Randy Schwimmer, who heads up senior lending origination and capital markets at Nuveen affiliate Churchill Asset Management, outlines how he experienced the lending market throughout the global Covid-19 crisis and how it keeps evolving in 2021.
With the benefit of hindsight, we can see that the fund-raising environment remained strong in 2020, apart from the period when the market was in a state of shock at the beginning of the pandemic, and special situations platforms were able to raise new funds.
PEWire spoke to Randy Schwimmer, who heads up senior lending origination and capital markets at Nuveen affiliate Churchill Asset Management, to hear how he experienced the lending market throughout the crisis and how it keeps evolving into 2021.
Churchill AM is structured as a private equity firm and is headquartered in New York but works with clients globally, and provides structuring, credit analysis, equity, debt, and capital investment to middle market companies, primarily those owned by private equity investment firms. From Schwimmer’s perspective, he noted that the period going into 2020 was tainted with a certain degree of apprehension.
“Having started the 2019 pre-Covid period as a very user-friendly market, we knew that there was some suspicion that there would be some kind of downturn. At the end of the first quarter in 2020, we saw a cessation of activity; both lenders and private equity sponsors were looking at their portfolios and were trying to figure out what would come next,” he said.
In fact, the Deloitte Alternative Lender Deal Tracker, published at the beginning of this month, reported a decrease of 29 percent in the number of direct lending deals in Europe in the first half of 2020.
In the second quarter of 2020 however, lenders had strong portfolios and few, if any, Covid issues, and began being more interested in lending money again, in Schwimmer’s view. “In the middle of last year we started seeing a very lender-friendly environment, because there was still some uncertainty around Covid and the direction it was heading,” he explained.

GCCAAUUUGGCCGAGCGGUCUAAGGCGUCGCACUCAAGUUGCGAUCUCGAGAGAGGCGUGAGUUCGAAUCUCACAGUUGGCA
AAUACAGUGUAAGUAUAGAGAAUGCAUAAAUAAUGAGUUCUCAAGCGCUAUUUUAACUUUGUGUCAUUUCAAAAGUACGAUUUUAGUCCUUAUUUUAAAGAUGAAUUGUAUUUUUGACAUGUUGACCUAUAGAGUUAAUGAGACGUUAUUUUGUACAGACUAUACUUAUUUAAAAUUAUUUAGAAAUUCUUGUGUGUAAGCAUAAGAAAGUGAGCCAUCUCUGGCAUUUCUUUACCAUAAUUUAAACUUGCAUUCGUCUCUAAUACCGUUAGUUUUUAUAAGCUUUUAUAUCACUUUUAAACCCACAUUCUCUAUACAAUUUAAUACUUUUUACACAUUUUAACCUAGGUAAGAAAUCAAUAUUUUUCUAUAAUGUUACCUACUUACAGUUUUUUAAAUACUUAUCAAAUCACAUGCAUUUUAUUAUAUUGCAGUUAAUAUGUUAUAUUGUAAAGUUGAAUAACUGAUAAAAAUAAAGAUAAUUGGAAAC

Schwimmer continued: “That uncertainty led to low leverage lending and higher spreads, so it was actually a very good period for private credit. As always happens, when it looks the darkest is actually the best time to be investing.”
“As the year went on there was a pattern established where companies that were not affected by Covid – or in some cases benefited from it- did well and it was easy to finance those businesses. With the vaccines in place by the end of the year the market took on a ‘coast is clear mentality,’ that was echoed in public markets as well.”
The fourth quarter of 2020 proved to be the best Churchill Asset Management has had in terms of performance, which was echoed by a number of other private credit providers as private equity sponsors rushed to put money to work, according to Schwimmer.
“That really is the clue to what’s going on in the private credit market – it’s all about dry powder. The supply and demand dynamic doesn’t really have anything to do with what’s going on with interest rates or inflation. It’s about putting money to work,” he noted.
Indeed, despite political instability in the form of election uncertainty in the US and turbulence around Brexit in Europe, the end of 2020 saw the leveraged loan market rebound and new issuances continued steadily into 2021, as outlined in ICLG’s ‘Global Trends in Leveraged Lending: Lending and Secured Finance Laws and Regulations 2021.’
“We’re not quite back to where we were pre-Covid, but we’re still seeing plenty of equity below us as a senior debt lender. As a metric, we’re seeing almost 60 percent equity/cash to total capital going into new buyouts and that’s a record for senior debt providers, as well as private debt providers in general,” commented Schwimmer.